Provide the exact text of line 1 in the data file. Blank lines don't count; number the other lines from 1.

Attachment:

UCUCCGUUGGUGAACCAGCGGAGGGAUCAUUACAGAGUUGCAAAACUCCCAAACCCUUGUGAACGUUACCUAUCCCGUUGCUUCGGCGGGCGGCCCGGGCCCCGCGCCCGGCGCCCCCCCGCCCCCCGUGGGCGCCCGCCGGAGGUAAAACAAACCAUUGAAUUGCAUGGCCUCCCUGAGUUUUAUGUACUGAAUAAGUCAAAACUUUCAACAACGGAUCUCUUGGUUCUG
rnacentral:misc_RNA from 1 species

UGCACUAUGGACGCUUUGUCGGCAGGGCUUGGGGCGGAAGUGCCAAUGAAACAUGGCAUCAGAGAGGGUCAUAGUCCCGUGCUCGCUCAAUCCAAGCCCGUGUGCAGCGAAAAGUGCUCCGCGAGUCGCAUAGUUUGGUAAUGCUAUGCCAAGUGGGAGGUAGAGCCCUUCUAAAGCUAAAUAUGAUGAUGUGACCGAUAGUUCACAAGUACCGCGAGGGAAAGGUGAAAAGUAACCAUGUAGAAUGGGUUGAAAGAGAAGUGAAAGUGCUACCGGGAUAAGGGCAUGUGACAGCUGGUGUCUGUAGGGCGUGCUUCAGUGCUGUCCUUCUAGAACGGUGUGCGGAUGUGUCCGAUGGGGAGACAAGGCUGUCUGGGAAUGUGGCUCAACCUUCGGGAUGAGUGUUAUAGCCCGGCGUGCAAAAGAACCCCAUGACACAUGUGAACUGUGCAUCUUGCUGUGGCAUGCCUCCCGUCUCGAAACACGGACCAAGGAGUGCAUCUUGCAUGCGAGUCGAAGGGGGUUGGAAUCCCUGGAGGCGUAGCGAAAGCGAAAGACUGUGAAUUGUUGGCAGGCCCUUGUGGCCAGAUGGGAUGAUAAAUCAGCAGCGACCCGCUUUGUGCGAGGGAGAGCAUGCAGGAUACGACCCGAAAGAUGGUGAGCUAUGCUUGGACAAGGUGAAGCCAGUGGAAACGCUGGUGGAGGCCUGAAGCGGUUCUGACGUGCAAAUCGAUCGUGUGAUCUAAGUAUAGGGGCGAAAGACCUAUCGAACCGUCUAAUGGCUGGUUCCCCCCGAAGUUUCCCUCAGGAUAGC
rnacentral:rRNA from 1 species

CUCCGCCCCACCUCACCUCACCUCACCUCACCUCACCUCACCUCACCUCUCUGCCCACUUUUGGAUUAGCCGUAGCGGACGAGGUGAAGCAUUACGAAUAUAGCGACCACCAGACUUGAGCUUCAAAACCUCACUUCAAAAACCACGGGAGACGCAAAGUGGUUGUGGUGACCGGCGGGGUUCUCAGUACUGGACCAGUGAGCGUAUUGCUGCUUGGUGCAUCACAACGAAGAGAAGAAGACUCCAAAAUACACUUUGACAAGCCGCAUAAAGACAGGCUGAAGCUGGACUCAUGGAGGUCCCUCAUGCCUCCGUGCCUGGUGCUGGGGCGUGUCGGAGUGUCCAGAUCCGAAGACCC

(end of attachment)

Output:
UCUCCGUUGGUGAACCAGCGGAGGGAUCAUUACAGAGUUGCAAAACUCCCAAACCCUUGUGAACGUUACCUAUCCCGUUGCUUCGGCGGGCGGCCCGGGCCCCGCGCCCGGCGCCCCCCCGCCCCCCGUGGGCGCCCGCCGGAGGUAAAACAAACCAUUGAAUUGCAUGGCCUCCCUGAGUUUUAUGUACUGAAUAAGUCAAAACUUUCAACAACGGAUCUCUUGGUUCUG